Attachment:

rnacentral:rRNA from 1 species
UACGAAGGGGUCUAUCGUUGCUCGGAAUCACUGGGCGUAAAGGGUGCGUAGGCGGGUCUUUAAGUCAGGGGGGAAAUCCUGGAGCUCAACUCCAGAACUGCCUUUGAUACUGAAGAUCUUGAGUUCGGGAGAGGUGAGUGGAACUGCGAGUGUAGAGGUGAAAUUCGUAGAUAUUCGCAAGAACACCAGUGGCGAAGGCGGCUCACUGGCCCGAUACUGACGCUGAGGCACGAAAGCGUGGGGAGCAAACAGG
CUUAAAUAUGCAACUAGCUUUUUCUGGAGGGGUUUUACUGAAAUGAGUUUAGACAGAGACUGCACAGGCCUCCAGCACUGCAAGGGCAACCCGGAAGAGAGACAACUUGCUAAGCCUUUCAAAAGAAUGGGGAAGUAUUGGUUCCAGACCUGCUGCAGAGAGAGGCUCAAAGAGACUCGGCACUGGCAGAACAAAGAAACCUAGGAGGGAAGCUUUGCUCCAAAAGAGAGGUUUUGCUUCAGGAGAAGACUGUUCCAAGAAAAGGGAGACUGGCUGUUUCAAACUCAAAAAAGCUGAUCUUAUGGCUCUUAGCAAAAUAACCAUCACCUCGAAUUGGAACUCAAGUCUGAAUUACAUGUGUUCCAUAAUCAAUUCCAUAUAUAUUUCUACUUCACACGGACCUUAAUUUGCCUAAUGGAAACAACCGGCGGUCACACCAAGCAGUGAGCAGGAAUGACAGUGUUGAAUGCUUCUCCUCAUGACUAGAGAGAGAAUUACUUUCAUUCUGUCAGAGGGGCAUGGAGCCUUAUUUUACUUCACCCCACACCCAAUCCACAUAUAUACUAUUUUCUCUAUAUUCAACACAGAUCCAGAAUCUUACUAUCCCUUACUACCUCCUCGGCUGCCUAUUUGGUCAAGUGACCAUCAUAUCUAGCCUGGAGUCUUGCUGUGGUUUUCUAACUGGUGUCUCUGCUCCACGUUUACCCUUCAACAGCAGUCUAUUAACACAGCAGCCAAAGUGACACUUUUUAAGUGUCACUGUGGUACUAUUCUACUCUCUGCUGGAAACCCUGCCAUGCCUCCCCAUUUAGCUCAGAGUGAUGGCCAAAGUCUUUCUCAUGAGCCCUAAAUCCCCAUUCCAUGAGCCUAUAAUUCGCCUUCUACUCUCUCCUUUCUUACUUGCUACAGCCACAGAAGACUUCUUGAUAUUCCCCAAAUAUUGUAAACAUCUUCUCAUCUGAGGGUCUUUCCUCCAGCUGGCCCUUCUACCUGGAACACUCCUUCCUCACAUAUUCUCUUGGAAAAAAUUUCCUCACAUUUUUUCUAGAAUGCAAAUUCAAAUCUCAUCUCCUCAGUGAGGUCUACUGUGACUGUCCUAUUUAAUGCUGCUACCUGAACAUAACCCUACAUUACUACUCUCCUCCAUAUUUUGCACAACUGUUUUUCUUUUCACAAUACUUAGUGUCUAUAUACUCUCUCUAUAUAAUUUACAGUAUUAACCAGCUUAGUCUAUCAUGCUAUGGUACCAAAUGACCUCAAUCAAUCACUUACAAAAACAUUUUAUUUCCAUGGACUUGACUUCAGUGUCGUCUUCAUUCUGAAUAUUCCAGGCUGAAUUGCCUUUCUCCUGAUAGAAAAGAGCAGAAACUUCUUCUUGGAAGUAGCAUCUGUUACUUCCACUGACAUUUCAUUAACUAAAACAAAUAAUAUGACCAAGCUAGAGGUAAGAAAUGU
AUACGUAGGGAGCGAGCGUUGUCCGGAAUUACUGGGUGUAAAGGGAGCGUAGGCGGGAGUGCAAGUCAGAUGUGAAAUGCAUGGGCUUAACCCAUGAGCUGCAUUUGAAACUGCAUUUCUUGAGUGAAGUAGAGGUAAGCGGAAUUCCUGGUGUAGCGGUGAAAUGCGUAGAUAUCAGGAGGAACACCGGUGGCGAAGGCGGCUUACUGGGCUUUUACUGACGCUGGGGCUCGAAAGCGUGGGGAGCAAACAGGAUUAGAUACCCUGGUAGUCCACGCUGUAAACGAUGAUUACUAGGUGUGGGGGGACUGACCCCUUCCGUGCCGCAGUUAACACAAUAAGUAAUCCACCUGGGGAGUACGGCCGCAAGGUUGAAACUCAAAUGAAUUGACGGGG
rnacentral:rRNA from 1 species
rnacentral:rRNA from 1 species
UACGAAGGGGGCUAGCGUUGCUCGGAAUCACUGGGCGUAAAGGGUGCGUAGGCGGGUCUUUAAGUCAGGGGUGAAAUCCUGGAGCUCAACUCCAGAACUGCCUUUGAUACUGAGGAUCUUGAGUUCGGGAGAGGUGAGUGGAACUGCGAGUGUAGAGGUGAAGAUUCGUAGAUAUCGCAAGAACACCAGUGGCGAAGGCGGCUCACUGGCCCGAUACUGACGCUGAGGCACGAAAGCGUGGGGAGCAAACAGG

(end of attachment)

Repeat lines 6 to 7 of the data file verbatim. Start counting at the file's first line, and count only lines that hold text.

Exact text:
rnacentral:rRNA from 1 species
UACGAAGGGGGCUAGCGUUGCUCGGAAUCACUGGGCGUAAAGGGUGCGUAGGCGGGUCUUUAAGUCAGGGGUGAAAUCCUGGAGCUCAACUCCAGAACUGCCUUUGAUACUGAGGAUCUUGAGUUCGGGAGAGGUGAGUGGAACUGCGAGUGUAGAGGUGAAGAUUCGUAGAUAUCGCAAGAACACCAGUGGCGAAGGCGGCUCACUGGCCCGAUACUGACGCUGAGGCACGAAAGCGUGGGGAGCAAACAGG